The Rose Gardens at Mottisfont Abbey
The gardens at Mottisfont Abbey are a year-round attraction. However, during June, when their unrivalled collection of Old-fashioned roses fills two (well, almost three) walled gardens with scent and dazzle the eyes with colour. It is an unforgettable experience.
These roses have a historical importance beyond their beauty. They were collected by the late Graham Stuart Thomas, plantsman, writer, artist, photographer and rosarian par excellance. GST was Gardens Adviser to the National Trust from 1955 to 1974 and a major influence on many of Britain’s great gardens. Mottisfont is the most complete example of his work that survives intact.
He not only established a comprehensive collection of pre-1900 shrub roses during the 1970s, but also displayed them in what was then an innovative fashion, With an artist’s eye and consummate knowledge, GST planned a garden that would combine roses with a mix of perennials to give a season-long display.
A gateway set in a sunny rose-covered wall leads to the first Rose Garden with deep box-lined borders full of rambling and climbing roses and clematis on the high brick wall behind. The main paths crossing the site converge on a central round pool and fountain surrounded by eight clipped Irish yews.
Long borders brim with plants chosen to compliment and underplant the roses. They also extend the season, providing colour, shape and scent before the roses bloom and after their petals fall. In June, the roses are accompanied by striking spires of white foxgloves.
The northern section of the Walled Garden with its wide paths, is deliberately planted with a ‘cool’ colour palette to provide a counterpoint to the central Rose Garden.
Reine des Violettes
Born in 1860 and still going strong is the incomparable Reine des Violettes. Although always classed as a Hybrid Perpetual this rose has more in common with the Bourbons, well furnished with smooth, somewhat greyish leaves, making a shapely rounded shrub and does not produce the abnormally long new growth associated with most Hybrid Perpetuals. I need say little about the flowers except that with age they expand to a flat array of soft parma-violet, showing the paler, pinker undersides of the petals around the fairly frequent button eye. Queen of the Violettes! Today it would have been called Queen of the Blues, most likely in an essay of flattery, but no blue could surpass its amazing richness. My experiences of this rose make me add that it must be well-nurtured and in good soil; it does not take kindly to poor soils. Assiduous dead-heading will encourage later blooms; those which appear later in the season surpass the earlier crops in deep colour. A good thinning in winter and a reduction of weak shoots is the required pruning.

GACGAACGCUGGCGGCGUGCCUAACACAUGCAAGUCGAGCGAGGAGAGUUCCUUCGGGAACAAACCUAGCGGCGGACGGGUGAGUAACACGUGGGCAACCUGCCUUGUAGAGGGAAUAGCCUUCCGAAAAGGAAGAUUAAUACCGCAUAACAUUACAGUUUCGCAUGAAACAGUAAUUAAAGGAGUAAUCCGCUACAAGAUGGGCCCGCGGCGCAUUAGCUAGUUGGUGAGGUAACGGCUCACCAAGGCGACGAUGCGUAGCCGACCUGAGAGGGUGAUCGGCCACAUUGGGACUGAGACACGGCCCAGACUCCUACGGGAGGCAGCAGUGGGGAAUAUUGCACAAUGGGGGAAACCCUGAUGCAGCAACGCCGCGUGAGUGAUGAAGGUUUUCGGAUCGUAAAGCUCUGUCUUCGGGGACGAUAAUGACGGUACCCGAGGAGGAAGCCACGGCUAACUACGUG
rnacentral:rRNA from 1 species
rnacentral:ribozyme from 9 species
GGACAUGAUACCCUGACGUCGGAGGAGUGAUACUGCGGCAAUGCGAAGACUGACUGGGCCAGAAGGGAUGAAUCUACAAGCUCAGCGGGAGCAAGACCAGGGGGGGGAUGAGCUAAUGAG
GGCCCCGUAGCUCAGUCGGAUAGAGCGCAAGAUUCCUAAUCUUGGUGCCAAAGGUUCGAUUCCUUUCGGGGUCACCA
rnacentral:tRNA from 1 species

Souvenir du Docteur Jamain
Two very famous old Hybrid Perpetual roses, General Jacqueminot and Charles Lefebvre, were hybridised by Francois Lacharme in Lyon, France, and the triumphant result was Souvenir du Docteur Jamain. Who is the good doctor is not recorded, but his rose will be forever famous for its intense dark colouring. It is a vigorous grower and best trained on a north-east wall where the sun will not scorch its velvety texture. No other rose can rival the intense crimson-maroon tint; and fortunately it has an excellent scent and produces later blooms after the first overwhelming crop. For this reason it pays to dead-head it regularly during the summer as well as giving it a thinning in winter, removing all small twiggy growth